A decade ago, Simon and Sima Gomes were introduced to each other by their parents, which subsequently led to an arranged wedding in a Catholic church in Rajshahi Diocese, in northern Bangladesh. They were poorly matched in several ways — Simon was 12 years older and had studied up to ninth grade; Sima was an undergraduate. She also earned more each month, bringing home 12,000 taka (US$155) as a nurse to Simon's 7,000 taka working as a cook. "I agreed to marry him because my parents chose him, although I was unwilling to marry him at the beginning," Sima told ucanews.com. The marriage, however, didn't last long. Within six years, and despite having a 4-year-old boy, Sima divorced Simon. "He didn't trust me or want me to work. He started abusing me physically and mentally, so I decided to divorce him," Sima said. "I want to work because I want my son to become educated and have a better life than us, but he didn't think like I did. "At first, we saw some priests and I was open to reconciliation, but it didn't work out because he refused to let me work. So, divorce was my only option." In turn, Simon accused Sima of being unfaithful. "She was angry when I confronted her about it and this is how the problems started," he said. Simon, 40, now lives in Rajshahi, while Sima, 28, has settled in the southeastern port city of Chittagong. Their child lives with his grandmother in Bonpara, in northern Natore district. Simon married again after the divorce, but his second wife left him within a year for reasons he did not wish to disclose. Sima didn't remarry after the divorce. Both have not gone to church since. Simon and Sima's story is not uncommon in Bangladesh, where changing socioeconomic landscapes are affecting family life in a country that has a long tradition of family and marriage unity. Recently, Pope Francis simplified the Catholic marriage annulment process and the Oct. 4-25 Synod of Bishops on the family at the Vatican is currently discussing a better pastoral approach to divorced and remarried Catholics. However, these steps are unlikely to make changes in the lives of Simon and Sima.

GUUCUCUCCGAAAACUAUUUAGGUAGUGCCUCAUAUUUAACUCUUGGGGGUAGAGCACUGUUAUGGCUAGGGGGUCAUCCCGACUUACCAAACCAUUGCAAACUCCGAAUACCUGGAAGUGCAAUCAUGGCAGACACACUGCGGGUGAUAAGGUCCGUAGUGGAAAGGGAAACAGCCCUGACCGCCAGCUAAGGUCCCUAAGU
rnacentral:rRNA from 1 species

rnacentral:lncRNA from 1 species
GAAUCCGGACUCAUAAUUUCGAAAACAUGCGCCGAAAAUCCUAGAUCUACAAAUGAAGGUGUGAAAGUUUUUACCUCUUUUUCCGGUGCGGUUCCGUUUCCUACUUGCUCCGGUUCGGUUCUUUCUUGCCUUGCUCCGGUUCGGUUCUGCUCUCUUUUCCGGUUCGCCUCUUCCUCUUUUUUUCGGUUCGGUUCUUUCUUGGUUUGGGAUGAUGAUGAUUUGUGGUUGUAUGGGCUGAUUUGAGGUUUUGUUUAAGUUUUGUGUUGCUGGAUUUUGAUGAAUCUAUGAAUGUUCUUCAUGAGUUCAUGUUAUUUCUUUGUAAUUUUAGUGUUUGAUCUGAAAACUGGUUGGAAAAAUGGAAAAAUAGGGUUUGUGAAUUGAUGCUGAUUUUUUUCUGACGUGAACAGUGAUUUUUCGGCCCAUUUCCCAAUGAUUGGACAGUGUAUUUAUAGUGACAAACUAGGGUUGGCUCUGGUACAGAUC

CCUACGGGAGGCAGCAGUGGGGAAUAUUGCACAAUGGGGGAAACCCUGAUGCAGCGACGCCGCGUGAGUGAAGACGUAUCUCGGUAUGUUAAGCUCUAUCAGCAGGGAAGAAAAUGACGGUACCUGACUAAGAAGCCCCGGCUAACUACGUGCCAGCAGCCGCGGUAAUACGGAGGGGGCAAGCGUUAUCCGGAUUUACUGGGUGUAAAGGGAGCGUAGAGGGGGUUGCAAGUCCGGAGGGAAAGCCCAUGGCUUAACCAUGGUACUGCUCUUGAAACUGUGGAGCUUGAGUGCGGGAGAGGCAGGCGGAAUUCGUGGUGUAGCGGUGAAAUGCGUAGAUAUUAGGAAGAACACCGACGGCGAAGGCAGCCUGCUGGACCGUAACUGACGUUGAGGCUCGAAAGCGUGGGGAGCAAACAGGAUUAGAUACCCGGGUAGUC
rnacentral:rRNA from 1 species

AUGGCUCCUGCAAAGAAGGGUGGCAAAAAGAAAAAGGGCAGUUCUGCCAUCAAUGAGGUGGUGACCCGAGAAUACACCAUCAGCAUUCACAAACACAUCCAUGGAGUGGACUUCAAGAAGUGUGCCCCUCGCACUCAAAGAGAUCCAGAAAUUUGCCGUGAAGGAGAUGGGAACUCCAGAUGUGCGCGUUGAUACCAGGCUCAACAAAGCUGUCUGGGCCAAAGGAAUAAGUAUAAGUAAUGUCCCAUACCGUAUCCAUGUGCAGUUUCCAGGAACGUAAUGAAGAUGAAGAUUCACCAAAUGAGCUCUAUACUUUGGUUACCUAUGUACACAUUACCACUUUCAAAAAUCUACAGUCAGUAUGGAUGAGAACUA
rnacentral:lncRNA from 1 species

A priest blesses rings during a Catholic wedding ceremony in Bangladesh. (Photo by Stephan Uttom) A global phenomenon